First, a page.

This morning, Czar and I headed out to Obedience at Knox Dog Obedience Club for our last week in the Beginners Class. It was funny to notice how many people and puppies I know to say hello to now. Starting at the off lead park and walking down through the parking area, alongside the areas set up for agility training, and gathering around the club house with people from many different classes. One of the lovely things about travelling out to Knox once or twice a week has been getting to know a whole group of other "crazy" dog people.
The class itself was pretty straightforward - a quick warm up, followed by walking through a heeling pattern that incorporated all of the elements we'd learnt over the last month.
Heel, Left, Heel, Right, Heel, Right About, Heel and Sit.
Repeat, with Left About (my least favourite, but we're getting there!) and Drop (something a lot of dogs weren't thrilled about in the damp grass, but Czar happily got all the way down and wiggled his paws at me). Repeat again, with Stand.
Stand, like all the manoeuvres we've been taught, is dependent on the hand signal prompting a particular behaviour in the dog. Not a learned, complex behaviour, but an instinctive, natural response to a brand new stimuli. For Stand, the handler puts a flat palm in front of the dog's nose to halt the dog and keep it standing still in the heel position. The hand must be in front of the dog's nose. Not above - this causes the dog to sit and look up. Not below - this causes the dog to drop down to the hand (and the treat in the hand!). After a few repeats, the dog learns to associate the command word with the posture and the reward, and the hand gesture can become briefer. In this respect, it is far more important that the handler master the best way to complete the hand signal, than the dog have a perfect response to the signal.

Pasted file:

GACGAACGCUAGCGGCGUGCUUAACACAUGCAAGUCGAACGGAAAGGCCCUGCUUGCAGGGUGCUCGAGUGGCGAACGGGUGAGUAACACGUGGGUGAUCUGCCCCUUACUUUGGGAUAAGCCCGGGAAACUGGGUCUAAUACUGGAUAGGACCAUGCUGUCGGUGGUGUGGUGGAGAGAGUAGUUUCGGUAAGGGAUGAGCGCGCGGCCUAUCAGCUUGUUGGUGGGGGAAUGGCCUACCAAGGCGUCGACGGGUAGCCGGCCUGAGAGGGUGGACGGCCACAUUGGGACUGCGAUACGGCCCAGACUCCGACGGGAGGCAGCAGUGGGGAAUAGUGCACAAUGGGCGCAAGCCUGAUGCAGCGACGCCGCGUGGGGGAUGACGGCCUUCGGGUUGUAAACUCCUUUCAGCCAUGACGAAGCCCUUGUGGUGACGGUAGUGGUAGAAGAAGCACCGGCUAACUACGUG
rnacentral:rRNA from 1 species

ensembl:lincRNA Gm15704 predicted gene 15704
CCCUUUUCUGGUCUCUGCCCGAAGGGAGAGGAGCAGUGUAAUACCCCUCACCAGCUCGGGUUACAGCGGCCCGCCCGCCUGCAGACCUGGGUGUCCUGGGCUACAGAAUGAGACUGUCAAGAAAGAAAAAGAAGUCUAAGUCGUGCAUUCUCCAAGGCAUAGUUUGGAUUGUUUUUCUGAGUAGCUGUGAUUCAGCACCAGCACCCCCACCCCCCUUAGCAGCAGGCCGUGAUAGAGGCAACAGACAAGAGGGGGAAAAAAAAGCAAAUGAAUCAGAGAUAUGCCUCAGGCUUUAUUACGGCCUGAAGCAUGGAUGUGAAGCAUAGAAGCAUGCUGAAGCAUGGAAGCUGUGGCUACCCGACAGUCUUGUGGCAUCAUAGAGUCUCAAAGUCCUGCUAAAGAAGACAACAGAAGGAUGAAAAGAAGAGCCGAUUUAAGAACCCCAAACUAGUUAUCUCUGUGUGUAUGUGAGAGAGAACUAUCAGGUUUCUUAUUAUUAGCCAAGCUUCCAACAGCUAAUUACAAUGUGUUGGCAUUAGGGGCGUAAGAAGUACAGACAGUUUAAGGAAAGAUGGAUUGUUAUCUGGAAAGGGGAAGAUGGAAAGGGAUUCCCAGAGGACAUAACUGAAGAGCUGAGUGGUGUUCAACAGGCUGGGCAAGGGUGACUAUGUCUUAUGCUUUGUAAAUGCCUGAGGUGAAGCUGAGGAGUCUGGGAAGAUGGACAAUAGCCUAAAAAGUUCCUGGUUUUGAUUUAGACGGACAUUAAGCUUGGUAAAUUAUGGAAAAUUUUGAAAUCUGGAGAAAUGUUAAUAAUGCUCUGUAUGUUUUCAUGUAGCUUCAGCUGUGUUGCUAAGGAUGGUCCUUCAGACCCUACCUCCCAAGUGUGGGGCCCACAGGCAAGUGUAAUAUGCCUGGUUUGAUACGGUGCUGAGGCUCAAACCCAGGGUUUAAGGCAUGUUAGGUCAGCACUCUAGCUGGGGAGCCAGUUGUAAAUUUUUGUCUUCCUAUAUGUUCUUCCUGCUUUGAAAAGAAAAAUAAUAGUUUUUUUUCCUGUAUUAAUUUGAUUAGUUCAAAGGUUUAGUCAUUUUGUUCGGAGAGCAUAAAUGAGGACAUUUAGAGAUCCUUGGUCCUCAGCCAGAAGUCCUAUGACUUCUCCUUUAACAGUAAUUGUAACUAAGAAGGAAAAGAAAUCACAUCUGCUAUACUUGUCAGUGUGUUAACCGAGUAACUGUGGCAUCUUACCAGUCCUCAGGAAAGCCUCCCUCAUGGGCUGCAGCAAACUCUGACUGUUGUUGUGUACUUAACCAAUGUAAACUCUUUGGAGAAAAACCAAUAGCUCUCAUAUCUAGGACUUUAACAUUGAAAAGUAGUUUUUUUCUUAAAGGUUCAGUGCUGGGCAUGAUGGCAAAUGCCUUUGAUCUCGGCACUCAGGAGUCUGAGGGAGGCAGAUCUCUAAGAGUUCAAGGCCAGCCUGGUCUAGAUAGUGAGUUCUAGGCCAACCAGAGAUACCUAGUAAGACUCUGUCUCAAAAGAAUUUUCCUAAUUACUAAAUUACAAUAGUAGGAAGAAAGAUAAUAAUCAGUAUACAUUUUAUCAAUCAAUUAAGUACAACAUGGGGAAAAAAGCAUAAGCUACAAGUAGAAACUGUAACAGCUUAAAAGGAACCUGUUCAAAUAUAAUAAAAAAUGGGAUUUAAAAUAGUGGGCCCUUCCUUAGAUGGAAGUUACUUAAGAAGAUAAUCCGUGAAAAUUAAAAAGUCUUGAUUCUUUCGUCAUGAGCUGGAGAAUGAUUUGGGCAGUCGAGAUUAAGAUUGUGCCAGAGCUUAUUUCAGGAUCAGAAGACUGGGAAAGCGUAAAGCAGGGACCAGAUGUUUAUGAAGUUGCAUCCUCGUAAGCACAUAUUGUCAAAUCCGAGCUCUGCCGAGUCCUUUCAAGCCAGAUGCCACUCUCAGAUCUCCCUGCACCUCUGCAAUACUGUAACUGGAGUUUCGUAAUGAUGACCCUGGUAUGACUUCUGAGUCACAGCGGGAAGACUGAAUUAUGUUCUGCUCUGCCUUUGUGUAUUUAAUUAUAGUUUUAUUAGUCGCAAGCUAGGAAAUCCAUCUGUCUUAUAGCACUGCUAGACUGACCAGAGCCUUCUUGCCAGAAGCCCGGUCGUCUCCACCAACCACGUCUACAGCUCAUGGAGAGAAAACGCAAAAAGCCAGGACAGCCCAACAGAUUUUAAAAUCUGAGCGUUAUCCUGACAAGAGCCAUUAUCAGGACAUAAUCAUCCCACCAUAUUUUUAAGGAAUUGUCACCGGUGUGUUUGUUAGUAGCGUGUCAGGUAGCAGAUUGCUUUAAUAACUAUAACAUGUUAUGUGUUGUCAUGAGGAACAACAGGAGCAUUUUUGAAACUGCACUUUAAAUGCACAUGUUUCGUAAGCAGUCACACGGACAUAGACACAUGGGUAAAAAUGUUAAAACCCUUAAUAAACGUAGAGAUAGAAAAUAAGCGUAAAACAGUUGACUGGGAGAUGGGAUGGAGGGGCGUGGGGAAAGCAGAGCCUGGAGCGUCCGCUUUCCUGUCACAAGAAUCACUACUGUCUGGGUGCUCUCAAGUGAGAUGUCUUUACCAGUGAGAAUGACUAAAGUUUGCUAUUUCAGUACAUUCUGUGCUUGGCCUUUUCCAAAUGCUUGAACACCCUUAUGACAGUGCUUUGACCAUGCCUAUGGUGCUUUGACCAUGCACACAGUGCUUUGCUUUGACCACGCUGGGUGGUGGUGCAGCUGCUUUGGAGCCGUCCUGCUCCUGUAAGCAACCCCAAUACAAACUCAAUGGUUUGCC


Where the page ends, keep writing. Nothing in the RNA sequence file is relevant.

How do we do with Stand? My Stand signal is still getting there - sometimes I drop the leash from one hand, sometimes I don't have the treat ready in the right spot, sometimes my hand signal is chopping down and Czar follows it down in a drop and sometimes Czar tries to high five my hand when it comes close to his nose. However, we managed to show improvement, and the test was not overly stringent.
Once we were all done, we were presented with our ribbons, which was a lovely touch! Then attention turned to the next class - some written information about it, some instructions about the meeting place and time, and then we got to try something new and really exciting - jumps!
The jumps were very small, only an inch or two off the ground. All the little dogs had to jump a bit, but these little white jumps only came up to Czar's ankles at most. We watched the little dogs jump and leap over the jumps... and then Czar walked straight into them, knocking them flying because he was too busy looking at me (and the treat) to pay attention!! Classic!!
No training next weekend, due to the Melbourne Cup public holiday, so we will have to wait a little while to see what Class One brings! (Sadly without Toby and Squish and their respective mums, who've been so great at helping us progress along the way!)